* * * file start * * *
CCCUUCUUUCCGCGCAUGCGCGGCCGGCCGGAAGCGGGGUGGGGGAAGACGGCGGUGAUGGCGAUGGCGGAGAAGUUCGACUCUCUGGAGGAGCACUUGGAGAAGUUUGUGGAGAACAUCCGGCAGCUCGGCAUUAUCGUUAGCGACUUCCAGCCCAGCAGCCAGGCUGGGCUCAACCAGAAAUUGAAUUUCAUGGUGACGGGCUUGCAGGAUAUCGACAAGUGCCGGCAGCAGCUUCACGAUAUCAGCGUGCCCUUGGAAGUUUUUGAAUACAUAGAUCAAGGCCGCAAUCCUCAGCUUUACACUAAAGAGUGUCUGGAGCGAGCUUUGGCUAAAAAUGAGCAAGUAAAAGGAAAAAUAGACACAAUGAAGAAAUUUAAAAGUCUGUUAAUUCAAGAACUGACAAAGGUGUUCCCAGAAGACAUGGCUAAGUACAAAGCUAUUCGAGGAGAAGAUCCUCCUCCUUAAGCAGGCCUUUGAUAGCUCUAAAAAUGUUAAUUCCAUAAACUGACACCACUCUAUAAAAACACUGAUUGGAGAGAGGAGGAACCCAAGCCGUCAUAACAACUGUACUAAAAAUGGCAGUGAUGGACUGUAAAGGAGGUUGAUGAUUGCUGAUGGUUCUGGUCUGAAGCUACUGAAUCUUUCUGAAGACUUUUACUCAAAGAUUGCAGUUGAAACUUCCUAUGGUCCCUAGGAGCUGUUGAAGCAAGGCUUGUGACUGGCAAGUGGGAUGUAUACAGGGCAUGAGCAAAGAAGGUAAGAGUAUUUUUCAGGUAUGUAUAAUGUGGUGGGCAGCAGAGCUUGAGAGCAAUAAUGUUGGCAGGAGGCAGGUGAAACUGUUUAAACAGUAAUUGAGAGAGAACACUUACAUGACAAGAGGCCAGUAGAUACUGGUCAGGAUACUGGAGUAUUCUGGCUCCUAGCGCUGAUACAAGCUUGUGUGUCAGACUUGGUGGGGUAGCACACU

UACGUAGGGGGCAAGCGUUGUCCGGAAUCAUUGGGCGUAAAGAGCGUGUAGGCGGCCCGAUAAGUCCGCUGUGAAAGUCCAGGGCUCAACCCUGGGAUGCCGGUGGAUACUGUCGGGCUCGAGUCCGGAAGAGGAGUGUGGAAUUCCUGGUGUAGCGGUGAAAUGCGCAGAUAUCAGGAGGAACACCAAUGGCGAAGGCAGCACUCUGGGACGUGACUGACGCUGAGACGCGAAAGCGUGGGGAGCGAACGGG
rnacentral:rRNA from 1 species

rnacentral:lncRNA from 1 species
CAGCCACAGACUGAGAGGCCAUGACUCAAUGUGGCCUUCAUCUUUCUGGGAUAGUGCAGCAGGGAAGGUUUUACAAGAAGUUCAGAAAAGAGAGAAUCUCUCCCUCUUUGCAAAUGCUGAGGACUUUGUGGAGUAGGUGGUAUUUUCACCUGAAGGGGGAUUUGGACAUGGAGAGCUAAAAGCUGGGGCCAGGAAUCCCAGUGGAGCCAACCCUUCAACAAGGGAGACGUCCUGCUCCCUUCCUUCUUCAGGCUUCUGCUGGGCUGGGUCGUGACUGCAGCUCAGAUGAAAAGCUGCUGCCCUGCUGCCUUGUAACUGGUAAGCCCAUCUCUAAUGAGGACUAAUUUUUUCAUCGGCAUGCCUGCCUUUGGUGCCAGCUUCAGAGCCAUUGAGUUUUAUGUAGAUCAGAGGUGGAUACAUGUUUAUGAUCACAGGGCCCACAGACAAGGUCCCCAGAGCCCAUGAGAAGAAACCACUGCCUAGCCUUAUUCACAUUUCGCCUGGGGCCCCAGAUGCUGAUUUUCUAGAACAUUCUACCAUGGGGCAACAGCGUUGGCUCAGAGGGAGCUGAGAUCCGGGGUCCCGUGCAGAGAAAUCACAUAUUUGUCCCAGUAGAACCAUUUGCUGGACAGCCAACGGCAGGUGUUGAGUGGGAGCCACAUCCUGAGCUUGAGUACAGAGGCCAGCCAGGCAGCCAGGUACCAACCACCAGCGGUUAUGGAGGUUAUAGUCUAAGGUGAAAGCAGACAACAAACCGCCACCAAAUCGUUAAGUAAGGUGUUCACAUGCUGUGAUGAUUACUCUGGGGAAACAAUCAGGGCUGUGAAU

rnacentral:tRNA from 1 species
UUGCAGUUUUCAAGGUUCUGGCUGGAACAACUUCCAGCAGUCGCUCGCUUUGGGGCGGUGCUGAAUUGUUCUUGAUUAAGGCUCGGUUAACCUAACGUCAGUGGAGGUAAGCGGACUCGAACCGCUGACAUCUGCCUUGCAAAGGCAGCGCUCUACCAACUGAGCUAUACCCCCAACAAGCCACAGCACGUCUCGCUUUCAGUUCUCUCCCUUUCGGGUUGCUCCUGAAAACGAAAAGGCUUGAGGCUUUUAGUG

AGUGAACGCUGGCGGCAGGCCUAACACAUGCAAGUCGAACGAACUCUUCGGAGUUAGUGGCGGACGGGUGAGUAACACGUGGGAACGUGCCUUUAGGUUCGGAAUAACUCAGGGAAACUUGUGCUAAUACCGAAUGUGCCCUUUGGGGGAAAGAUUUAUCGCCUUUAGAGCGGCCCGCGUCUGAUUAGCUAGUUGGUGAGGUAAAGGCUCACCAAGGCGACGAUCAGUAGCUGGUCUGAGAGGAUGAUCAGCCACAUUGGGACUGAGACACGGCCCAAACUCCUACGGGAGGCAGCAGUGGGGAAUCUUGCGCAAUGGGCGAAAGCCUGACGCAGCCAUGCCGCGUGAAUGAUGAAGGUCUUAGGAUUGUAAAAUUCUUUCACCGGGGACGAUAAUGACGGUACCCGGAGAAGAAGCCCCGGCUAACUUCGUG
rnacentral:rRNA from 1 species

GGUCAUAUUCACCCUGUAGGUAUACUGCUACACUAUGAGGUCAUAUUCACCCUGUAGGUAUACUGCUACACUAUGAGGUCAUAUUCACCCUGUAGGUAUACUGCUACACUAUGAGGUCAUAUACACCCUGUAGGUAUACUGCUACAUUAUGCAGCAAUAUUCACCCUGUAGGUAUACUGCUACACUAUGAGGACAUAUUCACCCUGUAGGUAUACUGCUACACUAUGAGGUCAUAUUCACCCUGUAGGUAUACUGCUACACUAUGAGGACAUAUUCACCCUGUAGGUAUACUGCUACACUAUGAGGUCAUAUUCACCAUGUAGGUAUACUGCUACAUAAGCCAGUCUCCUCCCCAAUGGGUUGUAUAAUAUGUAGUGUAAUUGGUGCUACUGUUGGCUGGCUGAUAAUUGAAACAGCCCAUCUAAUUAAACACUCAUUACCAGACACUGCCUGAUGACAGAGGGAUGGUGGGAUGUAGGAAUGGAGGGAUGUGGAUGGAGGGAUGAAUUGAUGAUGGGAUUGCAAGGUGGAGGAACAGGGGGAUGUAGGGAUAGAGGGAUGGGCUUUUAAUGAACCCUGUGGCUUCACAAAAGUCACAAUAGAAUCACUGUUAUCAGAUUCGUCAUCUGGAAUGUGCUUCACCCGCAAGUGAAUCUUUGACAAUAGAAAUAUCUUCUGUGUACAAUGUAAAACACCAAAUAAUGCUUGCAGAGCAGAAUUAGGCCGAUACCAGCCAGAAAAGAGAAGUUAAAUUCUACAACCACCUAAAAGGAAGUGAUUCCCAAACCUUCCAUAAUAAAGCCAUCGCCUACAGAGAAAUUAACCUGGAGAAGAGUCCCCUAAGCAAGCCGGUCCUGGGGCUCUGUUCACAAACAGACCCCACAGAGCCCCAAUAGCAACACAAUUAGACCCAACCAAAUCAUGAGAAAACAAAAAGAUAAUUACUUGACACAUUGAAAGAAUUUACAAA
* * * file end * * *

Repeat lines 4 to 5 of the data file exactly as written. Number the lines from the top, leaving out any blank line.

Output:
rnacentral:lncRNA from 1 species
CAGCCACAGACUGAGAGGCCAUGACUCAAUGUGGCCUUCAUCUUUCUGGGAUAGUGCAGCAGGGAAGGUUUUACAAGAAGUUCAGAAAAGAGAGAAUCUCUCCCUCUUUGCAAAUGCUGAGGACUUUGUGGAGUAGGUGGUAUUUUCACCUGAAGGGGGAUUUGGACAUGGAGAGCUAAAAGCUGGGGCCAGGAAUCCCAGUGGAGCCAACCCUUCAACAAGGGAGACGUCCUGCUCCCUUCCUUCUUCAGGCUUCUGCUGGGCUGGGUCGUGACUGCAGCUCAGAUGAAAAGCUGCUGCCCUGCUGCCUUGUAACUGGUAAGCCCAUCUCUAAUGAGGACUAAUUUUUUCAUCGGCAUGCCUGCCUUUGGUGCCAGCUUCAGAGCCAUUGAGUUUUAUGUAGAUCAGAGGUGGAUACAUGUUUAUGAUCACAGGGCCCACAGACAAGGUCCCCAGAGCCCAUGAGAAGAAACCACUGCCUAGCCUUAUUCACAUUUCGCCUGGGGCCCCAGAUGCUGAUUUUCUAGAACAUUCUACCAUGGGGCAACAGCGUUGGCUCAGAGGGAGCUGAGAUCCGGGGUCCCGUGCAGAGAAAUCACAUAUUUGUCCCAGUAGAACCAUUUGCUGGACAGCCAACGGCAGGUGUUGAGUGGGAGCCACAUCCUGAGCUUGAGUACAGAGGCCAGCCAGGCAGCCAGGUACCAACCACCAGCGGUUAUGGAGGUUAUAGUCUAAGGUGAAAGCAGACAACAAACCGCCACCAAAUCGUUAAGUAAGGUGUUCACAUGCUGUGAUGAUUACUCUGGGGAAACAAUCAGGGCUGUGAAU